Go deeper into that surreal feeling and connect it to the present moment. For example, pause, take a deep breath in, notice the feeling and identify what about the present moment is making it appear and allowing you to feel it so acutely. Is this feeling coming from the people you’re with, the place you’re in, the thought you just had? Recognizing how your present experience relates to and even causes this feeling of well-being does some important things:

  • Connects your good feeling to the present moment
  • Highlights that your present feels safe
  • Forms a new pathway in your mind for feeling good
  • Teaches your mind and body that this feeling is real

The more you build on this experience the more you help your brain continue to make the changes that PTSD recovery requires. Research proves that it takes 10-20 seconds of a positive feeling for the brain to record it into a deeper neural structure.

In recovery you want as many of those experiences as possible as you retrain and rewire the brain to release fear and hypervigilance and embrace safety, calm and control. To take yourself to the next level with this experience focus on that good, surreal feeling for 20, 30 or even 60 seconds to allow your brain to fully record it.

Combining a practice of mindfulness with those surreal good feelings can also be a great way to facilitate creating a grounded centeredness in the feeling itself. There are lots of great mindfulness material online and you may have already become very familiar with this process. I like this article for easy mindfulness tips.

Healing forces you out of your comfort zone and into a place that requires you to feel the opposite of how you’ve learned to live. The brain will naturally find that unfamiliarity strange. Your job in recovery is to make that feeling familiar so that you develop a comfort level with it — and keep moving into better and better territory.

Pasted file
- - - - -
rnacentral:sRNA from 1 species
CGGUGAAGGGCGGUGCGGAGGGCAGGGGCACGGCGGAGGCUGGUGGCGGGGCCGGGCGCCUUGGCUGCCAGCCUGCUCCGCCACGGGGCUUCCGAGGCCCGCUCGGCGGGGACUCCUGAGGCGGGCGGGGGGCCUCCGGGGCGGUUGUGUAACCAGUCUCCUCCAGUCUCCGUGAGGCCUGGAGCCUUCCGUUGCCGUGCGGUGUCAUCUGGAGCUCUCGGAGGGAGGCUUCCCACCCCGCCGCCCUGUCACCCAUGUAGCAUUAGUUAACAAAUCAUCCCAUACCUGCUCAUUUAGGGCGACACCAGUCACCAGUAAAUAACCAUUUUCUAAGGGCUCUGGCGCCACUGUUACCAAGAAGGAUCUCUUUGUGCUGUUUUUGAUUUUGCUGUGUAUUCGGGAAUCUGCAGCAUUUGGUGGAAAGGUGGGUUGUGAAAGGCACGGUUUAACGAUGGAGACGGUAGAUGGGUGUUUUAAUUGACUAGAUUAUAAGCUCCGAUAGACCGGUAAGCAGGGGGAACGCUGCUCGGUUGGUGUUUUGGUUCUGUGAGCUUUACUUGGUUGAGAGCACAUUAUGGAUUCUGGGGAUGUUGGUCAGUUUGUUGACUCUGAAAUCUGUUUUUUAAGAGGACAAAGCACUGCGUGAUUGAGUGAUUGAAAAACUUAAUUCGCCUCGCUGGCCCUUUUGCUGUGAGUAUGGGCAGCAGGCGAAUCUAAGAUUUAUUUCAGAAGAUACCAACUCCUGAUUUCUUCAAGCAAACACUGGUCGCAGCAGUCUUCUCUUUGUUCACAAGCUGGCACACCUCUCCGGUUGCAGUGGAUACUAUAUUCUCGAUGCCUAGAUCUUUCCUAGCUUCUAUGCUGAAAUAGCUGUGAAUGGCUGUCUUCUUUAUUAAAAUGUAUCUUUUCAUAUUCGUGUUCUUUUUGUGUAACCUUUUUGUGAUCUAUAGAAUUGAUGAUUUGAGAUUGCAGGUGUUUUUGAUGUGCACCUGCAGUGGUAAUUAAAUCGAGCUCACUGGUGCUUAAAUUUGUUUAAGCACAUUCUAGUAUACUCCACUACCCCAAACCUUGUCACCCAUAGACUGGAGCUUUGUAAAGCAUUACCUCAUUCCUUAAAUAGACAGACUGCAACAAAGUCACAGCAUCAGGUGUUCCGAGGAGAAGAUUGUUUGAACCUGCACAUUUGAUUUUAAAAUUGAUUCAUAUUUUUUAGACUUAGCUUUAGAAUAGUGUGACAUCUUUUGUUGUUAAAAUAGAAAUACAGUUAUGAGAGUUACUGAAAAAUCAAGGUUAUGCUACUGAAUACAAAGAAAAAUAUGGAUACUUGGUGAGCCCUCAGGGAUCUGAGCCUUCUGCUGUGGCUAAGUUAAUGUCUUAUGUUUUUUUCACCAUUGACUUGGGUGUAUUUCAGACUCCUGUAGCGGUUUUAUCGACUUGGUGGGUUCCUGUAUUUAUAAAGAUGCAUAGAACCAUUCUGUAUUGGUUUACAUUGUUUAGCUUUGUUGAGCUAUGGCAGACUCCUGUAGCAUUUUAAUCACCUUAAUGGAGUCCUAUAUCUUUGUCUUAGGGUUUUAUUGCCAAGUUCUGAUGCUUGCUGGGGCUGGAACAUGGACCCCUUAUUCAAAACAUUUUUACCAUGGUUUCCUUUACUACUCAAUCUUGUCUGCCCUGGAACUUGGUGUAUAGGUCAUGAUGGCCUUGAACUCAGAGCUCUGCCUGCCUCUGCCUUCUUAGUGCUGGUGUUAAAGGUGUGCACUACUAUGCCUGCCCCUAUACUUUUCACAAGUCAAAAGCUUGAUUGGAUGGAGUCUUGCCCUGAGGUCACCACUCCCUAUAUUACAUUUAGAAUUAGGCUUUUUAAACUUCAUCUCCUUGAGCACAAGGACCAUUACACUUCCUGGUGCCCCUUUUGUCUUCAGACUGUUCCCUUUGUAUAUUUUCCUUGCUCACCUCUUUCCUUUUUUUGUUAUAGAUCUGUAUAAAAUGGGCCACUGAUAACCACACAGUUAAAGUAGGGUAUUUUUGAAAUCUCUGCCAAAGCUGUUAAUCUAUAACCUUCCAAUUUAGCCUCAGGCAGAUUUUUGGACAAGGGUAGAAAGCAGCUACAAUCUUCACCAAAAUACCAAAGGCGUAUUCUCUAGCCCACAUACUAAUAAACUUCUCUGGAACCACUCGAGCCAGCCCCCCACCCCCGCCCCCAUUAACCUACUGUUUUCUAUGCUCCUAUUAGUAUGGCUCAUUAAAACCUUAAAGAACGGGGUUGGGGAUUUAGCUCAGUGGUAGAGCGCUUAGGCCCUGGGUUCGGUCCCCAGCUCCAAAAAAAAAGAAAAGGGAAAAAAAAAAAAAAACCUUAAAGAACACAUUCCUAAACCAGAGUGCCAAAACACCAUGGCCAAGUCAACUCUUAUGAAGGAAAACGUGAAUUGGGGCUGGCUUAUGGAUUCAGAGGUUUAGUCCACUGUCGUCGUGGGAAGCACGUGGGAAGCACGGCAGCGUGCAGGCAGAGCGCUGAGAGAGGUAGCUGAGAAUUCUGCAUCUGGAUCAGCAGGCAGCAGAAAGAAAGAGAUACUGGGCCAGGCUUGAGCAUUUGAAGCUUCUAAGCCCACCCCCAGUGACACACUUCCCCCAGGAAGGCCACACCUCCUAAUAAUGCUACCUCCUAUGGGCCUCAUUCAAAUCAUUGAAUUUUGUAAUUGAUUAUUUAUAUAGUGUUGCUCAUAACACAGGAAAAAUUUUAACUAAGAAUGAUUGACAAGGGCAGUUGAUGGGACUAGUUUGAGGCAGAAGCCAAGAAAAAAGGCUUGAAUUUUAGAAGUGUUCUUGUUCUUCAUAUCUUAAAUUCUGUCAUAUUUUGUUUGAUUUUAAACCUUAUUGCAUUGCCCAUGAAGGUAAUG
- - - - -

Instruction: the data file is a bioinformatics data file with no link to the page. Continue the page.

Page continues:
Michele is the author of Your Life After Trauma: Powerful Practices to Reclaim Your Identity. Connect with her on Google+LinkedInFacebookTwitter and her website, HealMyPTSD.com.

9 thoughts on “Neuroplasticity: What You Need to Know in PTSD Recovery”

  1. The principles of neuroplasticity in action have been one of the reasons I am no longer depressed and have managed to stabilize my mood. Luckily I overcame my depression before I discovered that the depression was a complication of having PTSD undiagnosed and untreated for so long. I have become weary of therapies as most make promises they don’t live up to. In fact I think most therapies work as a placebo effect because therapies like EFT and EMDR had absolutely no effect on me.Even though I went into them with a somewhat open mind, BUT on some level for me I just didn’t “buy” into it. It is strange because so many people say both work wonders,but do they work because people buy into them or because they actually work? If they actually work then my expectation of the treatment should have no bearing on the results. But Neuroplasticity is about FACTS not someone peddling snake skin oil. My only challenging has been in applying consistency but even with inconsistencies results are still seen. And @Don you’re right,just like you, I didn’t need a therapist to oversee the work I am doing on myself with Neuroplasticity!